Good question - I haven't gone that far into it either.

As for Jeff's other questions:

* python packaging. I don't know if/where it comes standard. I typically add it to CentOS when I install, but that is always a selection option. I don't know if it has some basic level of python support included as I've never checked - I always select the python lib options.

* I have no issue with scripting the Fortran support at build time, but I still think we should stick to some limit on language requirements. Not a rock-hard position, but a preference. Even if python is distributed now, you still have the version level issues we see with the configure stuff. We've managed to keep that out of the user-level build code, but this introduces it there. In fairness, I imagine we also have that with perl, though I think there is less issue with backward compatibility in that language? At least, we've never hit an issue.

* this isn't about Craig and his abilities - this is a more general requirements discussion. I personally wouldn't change my comments if it was Jeff or Brian making the request - the issue remains the same. Introducing another language requirement on the user-level build isn't a minor issue. Just because someone knows a language seems a weak argument - I had to learn perl to work on the build system too. The differences aren't that huge, and the barrier isn't that high.

Like I said, I don't have a rock-hard position on this - just question the rationale provided so far.

On May 22, 2013, at 9:18 AM, Josh Hursey <jjhursey@open-mpi.org> wrote:

Is this Python 2.x or 3.x? I ask because they are not 100% compatible due to changes in the language syntax. Meaning not all 2.x compilant Python programs work with a 3.x interpreter. IIRC there is a way to write a 2.x compliant Python program so that it is also 3.x compliant, but my Python knowledge does not go deep enough to tell you exactly how to do that.

If we are going to require Python in the build path, we should be specific on this point and check in the configure script.

-- Josh 


On Wed, May 22, 2013 at 11:03 AM, Jeff Squyres (jsquyres) <jsquyres@cisco.com> wrote:
On May 22, 2013, at 10:00 AM, "Barrett, Brian W" <bwbarre@sandia.gov> wrote:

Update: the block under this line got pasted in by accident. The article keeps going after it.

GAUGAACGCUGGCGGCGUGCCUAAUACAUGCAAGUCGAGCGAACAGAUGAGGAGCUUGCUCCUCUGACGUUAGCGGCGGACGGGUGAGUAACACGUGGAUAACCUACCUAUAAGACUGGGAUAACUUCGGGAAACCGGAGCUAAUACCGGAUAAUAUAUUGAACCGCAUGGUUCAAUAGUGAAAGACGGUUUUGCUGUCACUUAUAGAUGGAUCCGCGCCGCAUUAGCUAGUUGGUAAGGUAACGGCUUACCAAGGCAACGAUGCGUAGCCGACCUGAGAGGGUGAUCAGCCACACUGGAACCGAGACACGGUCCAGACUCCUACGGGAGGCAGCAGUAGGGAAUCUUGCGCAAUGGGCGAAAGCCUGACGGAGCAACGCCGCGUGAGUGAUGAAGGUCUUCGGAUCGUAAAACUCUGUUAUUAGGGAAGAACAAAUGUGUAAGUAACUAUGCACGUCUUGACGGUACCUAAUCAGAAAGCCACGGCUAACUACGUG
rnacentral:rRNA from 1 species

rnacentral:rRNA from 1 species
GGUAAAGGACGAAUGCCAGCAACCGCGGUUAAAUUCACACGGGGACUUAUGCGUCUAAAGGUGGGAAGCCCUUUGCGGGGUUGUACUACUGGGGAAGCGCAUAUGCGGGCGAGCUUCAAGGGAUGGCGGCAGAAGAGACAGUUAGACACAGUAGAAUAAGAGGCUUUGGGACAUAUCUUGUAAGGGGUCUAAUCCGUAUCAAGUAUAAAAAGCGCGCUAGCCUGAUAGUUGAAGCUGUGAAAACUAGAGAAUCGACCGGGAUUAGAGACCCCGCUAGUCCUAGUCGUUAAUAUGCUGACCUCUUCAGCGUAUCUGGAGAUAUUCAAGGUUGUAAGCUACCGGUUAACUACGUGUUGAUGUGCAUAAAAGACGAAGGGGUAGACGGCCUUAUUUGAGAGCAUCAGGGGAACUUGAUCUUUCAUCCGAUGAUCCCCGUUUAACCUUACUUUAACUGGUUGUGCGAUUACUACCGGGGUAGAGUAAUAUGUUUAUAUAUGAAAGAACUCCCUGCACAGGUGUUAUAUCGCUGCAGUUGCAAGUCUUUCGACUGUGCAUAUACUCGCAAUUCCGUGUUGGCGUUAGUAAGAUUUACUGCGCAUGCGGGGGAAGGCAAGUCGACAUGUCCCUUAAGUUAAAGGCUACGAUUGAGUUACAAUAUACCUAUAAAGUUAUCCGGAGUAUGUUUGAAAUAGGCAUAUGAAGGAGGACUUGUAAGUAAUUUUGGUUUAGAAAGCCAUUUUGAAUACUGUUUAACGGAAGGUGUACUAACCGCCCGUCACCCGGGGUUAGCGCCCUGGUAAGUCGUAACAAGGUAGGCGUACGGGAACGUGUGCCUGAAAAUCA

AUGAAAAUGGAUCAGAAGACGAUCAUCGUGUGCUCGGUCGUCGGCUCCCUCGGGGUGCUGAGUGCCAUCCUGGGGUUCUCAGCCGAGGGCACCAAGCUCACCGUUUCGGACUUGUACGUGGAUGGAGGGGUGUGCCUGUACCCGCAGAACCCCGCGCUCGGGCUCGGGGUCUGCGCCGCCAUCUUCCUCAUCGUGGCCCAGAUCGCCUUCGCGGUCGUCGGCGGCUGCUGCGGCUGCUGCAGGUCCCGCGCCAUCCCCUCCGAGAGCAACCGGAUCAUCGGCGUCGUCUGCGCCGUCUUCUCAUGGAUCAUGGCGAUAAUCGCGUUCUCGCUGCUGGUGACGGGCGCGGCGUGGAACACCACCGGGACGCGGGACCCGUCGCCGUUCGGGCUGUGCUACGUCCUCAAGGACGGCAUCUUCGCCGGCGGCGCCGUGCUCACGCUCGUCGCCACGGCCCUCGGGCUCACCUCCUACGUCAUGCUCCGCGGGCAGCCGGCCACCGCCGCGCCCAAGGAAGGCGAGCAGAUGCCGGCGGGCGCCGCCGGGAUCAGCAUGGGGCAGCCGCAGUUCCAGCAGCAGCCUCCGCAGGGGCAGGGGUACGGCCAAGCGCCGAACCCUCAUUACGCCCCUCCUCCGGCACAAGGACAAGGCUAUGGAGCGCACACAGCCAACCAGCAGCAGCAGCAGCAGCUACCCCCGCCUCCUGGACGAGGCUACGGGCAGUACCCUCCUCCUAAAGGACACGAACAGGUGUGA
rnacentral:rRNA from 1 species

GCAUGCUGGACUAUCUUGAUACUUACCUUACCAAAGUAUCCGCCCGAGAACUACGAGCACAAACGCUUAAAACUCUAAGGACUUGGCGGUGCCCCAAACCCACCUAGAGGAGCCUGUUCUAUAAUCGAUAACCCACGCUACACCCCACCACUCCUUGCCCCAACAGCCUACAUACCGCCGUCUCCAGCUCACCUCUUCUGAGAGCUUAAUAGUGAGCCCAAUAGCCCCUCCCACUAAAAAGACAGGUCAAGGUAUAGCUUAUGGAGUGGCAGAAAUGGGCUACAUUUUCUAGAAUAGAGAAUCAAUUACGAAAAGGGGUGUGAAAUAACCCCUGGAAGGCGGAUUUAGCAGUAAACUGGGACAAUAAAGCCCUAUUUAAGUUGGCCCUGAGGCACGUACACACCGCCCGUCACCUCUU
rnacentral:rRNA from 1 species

>> Hmmm...the issue is that perl usually is included in the distro, but
>> python often is not - you have to add that module.

This seems to be a key argument, but I'm not sure it's still true.

I'm a RHEL guy; I see that RHEL has installed python by default since RHEL4 (i.e., many, many years ago).  Are there other Linux distros that really don't install Python by default?  This would surprise me.

I see python on my OS X Lion, and apparently in every OS X since (at least) Leopard (Tony at Absoft checked for me).

I don't know about Python+Solaris, but I don't know if we (OMPI) care, either.

>> IIRC, that was the
>> rationale for allowing perl. Others (e.g., me) had played with using
>> python before, but switched to perl (a) for the prior rationale, and (b)
>> to avoid proliferating language requirements.
>>
>> I happen to like python myself, but believe there is some value in
>> avoiding adding yet another language to our list of requirements.
>
> I (strongly) agree with Ralph.  We made a decision (way back in the 1.0
> timeframe) that we would use perl for a scripting language when absolutely
> necessary.  And even at that, I believe we only require Perl for developer
> builds or distribution builds where an assembly file doesn't already exist
> for that compiler.

I believe that that is still true -- that's one of the reasons I sent around this RFC (because introducing python at end-user "make" time is a Big Change).

> I have no problem with the change to generated bindings from a single
> configuration file/set of files, a bit of a problem with that happening at
> at configure / build time on a release distribution (we don't require
> anything other than /bin/sh at configure / build time right now),

FWIW: the current Bourne shell scripts that generate the use mpi bindings are pretty... horrible.  We have no intention of continuing to use Bourne shell scripts for future code generation.

A little more rationale for scripting/generating at "make" time in general: the problem is that Fortran compiler support is literally all over the map; it's really not feasible to maintain a single .F90 file with preprocessor macros to cover all the differences, because some differences require different coding approaches (e.g., inline in a module vs. separate/individual .F90 files -- the contents of these two are quite different).

That being said, we *could* pre-generate all possibilities and ship them all in a tarball (i.e., only invoke a generator script at developer/make dist time).  Note that that would lead to a bit more complexity, and could lead to even more than 7 copies in the tarball (7 is pretty much the minimum -- and that's with very heavy use of preprocessor macros).

Hence, in a perfect world, we could generate at "make" time only exactly what the user's Fortran compiler needed.

> and a
> strong problem with using Python instead of the Perl that we've previously
> agreed we'd use when all other options are unavoidable.

I'm asking because:

- the contributor (Craig) has been around for years; he has a proven track record of maintaining what he has contributed
- the contributor wants to fundamentally advance our Fortran support
- the contributor has a strong preference for Python
- from my anecdotal evidence, Python is pretty ubiquitous these days (is that wrong?)

--
Jeff Squyres
jsquyres@cisco.com
For corporate legal information go to: http://www.cisco.com/web/about/doing_business/legal/cri/


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Joshua Hursey
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University of Wisconsin-La Crosse
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